Synopsis by Hal Erickson
Burt Lancaster stars as Jim Thorpe, the Native American sports whiz whom many consider the greatest athlete of the 20th century. We first see Thorpe as a child on the reservation, highly resistant to the notion of going to school. He proves to be an excellent student, eventually attending the all-Indian college in Carlisle, Pennsylvania. Still, Thorpe doesn't feel like mixing much with the other students until coach Charles Bickford encourages the lad to go out for the track team. Thorpe finds that he can be more "articulate" as an athlete than as a scholar, and soon excels at all school sports. He also marries his college sweetheart, non-Indian Phyllis Thaxter. After graduation, Thorpe tries to get a coaching job, but is frozen out by the white establishment. Determined to make a name for himself, he enters the 1912 Olympics at Stockholm, where he earns more gold medals than anyone else and is praised as the world's greatest athlete by the King of Sweden. Unfortunately, the fact that Thorpe briefly played semi-professional baseball while attending Carlisle costs him his amateur status--and every one of his medals. Things go from bad to worse for Thorpe after this; his son dies, his marriage disintegrates, and he crawls into a bottle. Thorpe has hit rock bottom when he is reunited with his old coach Bickford, who offers Jim a ticket to the 1932 Olympics in Los Angeles. It is the first small step on the road to regeneration for Jim Thorpe (alas, real life was not so kind; Thorpe died in near-poverty, and it was not until years after his death that his Olympic medals were restored). Jim Thorpe, All American was directed by Michael Curtiz, who previously had secured small acting roles for the real Thorpe in such films as Knute Rockne: All American (1940).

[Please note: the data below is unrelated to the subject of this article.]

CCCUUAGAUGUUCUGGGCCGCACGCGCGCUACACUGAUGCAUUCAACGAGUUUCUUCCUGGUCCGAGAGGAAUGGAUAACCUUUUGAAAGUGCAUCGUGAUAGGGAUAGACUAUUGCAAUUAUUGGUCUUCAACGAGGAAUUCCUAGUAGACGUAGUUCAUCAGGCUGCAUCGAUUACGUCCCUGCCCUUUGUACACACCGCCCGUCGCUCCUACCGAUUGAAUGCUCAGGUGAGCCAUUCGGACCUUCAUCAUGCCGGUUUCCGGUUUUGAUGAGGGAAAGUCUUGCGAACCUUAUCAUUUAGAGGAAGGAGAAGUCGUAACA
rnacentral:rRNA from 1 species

sports, track [track and field], alcoholism, America, athlete, baseball, cross-cultural-relations, football, injustice, medal, Native-American, Olympic-Games, prejudice, profession, racer, racism, running